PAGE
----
Insurers now require the covered amount to be at least 80% of the cost of rebuilding the dwelling. If your coverage amount is less than that, you will cover the difference in addition to deductibles.
For example, suppose your home has a $500,000 replacement cost, but the covered amount is $250,000. That is less than 80%, so the insurer will cover only a pro rata portion of any losses, in his case 50%. If you suffer a $100,000 loss, the insurer will cover only $50,000. You pay the rest, plus the deductible.
Personal property also is covered under the homeowner’s policy but requires more attention than most people give it.
Most policies exclude or put a $1,000 limit on items such as jewelry, coins, furs, antiques, and computers. You need to purchase “scheduled coverage” for these items. A list of the scheduled items is attached to the policy and the premium for covering each item is separately calculated.
You might be required to get the items appraised and to periodically have the appraisal updated. It is a good idea to maintain evidence of ownership of the items and to keep that evidence secure in a disaster-proof location or at least away from the location of the property. You should have detailed descriptions of the items, photographs, and any other supporting information. Some people maintain a video tour of their homes.
Those who own property in more than one state need to discuss this with their insurers or agents. Personal property generally is covered under a homeowner’s policy regardless of where it is damaged, lost, or stolen. But the rules might differ if you own more than one home. The insurer of one property might not cover personal property damaged or stolen at the other property. It also might matter to an insurer whether property normally was kept at one location or was transferred from one location to the other. Be sure you know which policy covers an item. Otherwise, you might find that there is a gap in your coverage.
Liability coverage also deserves more attention than most people give it.
A vacant property or rental home needs liability coverage. You could be responsible for any accident that happens on the vacant property, especially if there is some kind of attractive nuisance. Likewise, as owner of a rental property you could be responsible for actions of the tenant. You can require the tenant to have insurance, but you need separate coverage to protect you.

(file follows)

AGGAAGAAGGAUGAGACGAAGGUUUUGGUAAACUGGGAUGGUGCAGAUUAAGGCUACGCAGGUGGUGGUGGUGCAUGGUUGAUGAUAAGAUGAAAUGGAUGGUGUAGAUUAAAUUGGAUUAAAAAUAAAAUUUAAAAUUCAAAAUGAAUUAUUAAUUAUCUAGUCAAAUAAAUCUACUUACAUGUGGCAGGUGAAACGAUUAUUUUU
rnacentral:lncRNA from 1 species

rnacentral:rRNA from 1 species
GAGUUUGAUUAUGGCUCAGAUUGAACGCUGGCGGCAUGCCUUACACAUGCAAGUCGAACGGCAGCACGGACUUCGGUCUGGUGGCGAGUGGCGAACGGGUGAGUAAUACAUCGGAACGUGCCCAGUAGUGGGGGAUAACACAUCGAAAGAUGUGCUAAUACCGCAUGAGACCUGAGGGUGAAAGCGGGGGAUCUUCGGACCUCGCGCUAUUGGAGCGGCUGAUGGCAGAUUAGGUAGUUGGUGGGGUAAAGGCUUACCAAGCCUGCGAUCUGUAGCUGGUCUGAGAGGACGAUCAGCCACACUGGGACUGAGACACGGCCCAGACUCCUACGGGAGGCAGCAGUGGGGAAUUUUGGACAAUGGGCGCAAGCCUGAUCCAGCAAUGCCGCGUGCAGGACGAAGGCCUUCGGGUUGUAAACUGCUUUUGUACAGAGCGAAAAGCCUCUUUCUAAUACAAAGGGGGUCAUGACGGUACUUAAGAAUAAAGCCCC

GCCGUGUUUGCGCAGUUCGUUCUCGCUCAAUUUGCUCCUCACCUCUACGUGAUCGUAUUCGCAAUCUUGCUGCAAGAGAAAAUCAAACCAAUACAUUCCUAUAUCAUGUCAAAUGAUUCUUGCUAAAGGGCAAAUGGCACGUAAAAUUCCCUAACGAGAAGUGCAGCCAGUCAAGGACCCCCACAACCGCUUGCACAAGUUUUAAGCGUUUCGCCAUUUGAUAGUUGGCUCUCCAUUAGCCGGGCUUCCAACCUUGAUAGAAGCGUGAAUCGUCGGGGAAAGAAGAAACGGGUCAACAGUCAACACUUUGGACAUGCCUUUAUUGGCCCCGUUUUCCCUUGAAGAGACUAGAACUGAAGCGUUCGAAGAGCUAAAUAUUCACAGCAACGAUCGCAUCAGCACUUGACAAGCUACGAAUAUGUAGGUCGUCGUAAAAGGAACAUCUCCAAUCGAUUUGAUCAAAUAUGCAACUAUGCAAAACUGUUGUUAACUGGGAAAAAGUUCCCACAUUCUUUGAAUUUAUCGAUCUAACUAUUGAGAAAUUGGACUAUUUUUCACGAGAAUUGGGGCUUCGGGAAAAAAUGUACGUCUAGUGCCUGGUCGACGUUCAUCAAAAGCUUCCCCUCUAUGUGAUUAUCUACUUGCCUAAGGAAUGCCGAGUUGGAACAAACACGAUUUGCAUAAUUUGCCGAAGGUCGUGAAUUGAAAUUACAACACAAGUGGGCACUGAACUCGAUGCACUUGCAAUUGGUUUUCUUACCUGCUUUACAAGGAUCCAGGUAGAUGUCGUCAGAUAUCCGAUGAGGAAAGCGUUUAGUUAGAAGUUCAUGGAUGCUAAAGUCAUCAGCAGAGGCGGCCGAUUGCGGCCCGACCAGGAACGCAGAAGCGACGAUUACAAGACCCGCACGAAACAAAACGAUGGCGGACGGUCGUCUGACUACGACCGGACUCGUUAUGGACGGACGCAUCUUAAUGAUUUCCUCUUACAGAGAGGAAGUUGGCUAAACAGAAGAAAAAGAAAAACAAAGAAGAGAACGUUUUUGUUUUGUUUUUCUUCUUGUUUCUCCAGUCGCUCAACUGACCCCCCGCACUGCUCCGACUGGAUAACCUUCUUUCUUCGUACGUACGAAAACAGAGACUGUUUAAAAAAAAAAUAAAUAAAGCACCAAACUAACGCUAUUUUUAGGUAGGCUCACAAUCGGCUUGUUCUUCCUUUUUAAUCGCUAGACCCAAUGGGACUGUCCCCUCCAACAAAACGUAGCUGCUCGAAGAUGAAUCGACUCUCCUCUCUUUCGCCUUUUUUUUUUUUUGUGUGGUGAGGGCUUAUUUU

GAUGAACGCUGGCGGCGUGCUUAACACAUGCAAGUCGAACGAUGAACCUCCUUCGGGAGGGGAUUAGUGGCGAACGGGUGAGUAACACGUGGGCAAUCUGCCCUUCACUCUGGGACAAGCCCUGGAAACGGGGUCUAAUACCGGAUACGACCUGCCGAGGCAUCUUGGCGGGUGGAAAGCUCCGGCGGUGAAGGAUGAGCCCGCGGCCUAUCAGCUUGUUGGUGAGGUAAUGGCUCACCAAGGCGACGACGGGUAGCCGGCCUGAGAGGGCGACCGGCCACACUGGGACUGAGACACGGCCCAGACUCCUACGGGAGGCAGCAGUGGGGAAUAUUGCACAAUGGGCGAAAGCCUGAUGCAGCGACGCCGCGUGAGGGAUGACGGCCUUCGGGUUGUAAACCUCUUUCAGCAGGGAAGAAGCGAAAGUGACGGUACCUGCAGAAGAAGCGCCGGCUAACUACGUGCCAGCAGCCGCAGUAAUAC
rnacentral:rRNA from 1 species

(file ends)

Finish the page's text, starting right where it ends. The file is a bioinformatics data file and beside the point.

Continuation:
Almost everyone should have an umbrella liability policy.
Regular coverage for autos, homes, and other items will have liability coverage with fairly low limits. An umbrella policy significantly increases your coverage for a wide range of liabilities at a low cost. Often $1 million of additional liability coverage costs less than $300 annually.
To ensure the umbrella policy does its job, first match its lowest payout level with the maximum coverage of other policies. For example, your auto liability might top out at $300,000. But a standard umbrella policy might cover only liabilities above $500,000. That puts you on the hook for the $200,000 difference unless the umbrella policy is amended.
Also, make sure all the potential sources of liability are listed in the umbrella policy. The listings should include all residences and vehicles, watercraft, motorcycles, aircraft, and recreational vehicles, whether owned or rented. Also list every driver who resides at one or more of your homes and be sure pets are covered.
An umbrella policy will exclude some activities for which separate coverage is available, such as serving as a director or officer of a business or organization. If you engage in such activities, be sure of coverage.
Household workers, both permanent and temporary, are another potential source of liability. You could be liable to them for injuries they receive or to others for the workers’ actions. Be sure you have a policy that covers these situations.
Finally, set the umbrella coverage limit high enough. You want to cover existing assets and also future income and assets. The limit to choose is a tough call. An attorney or experienced broker might be able to offer the best advice of the maximum potential liability you face.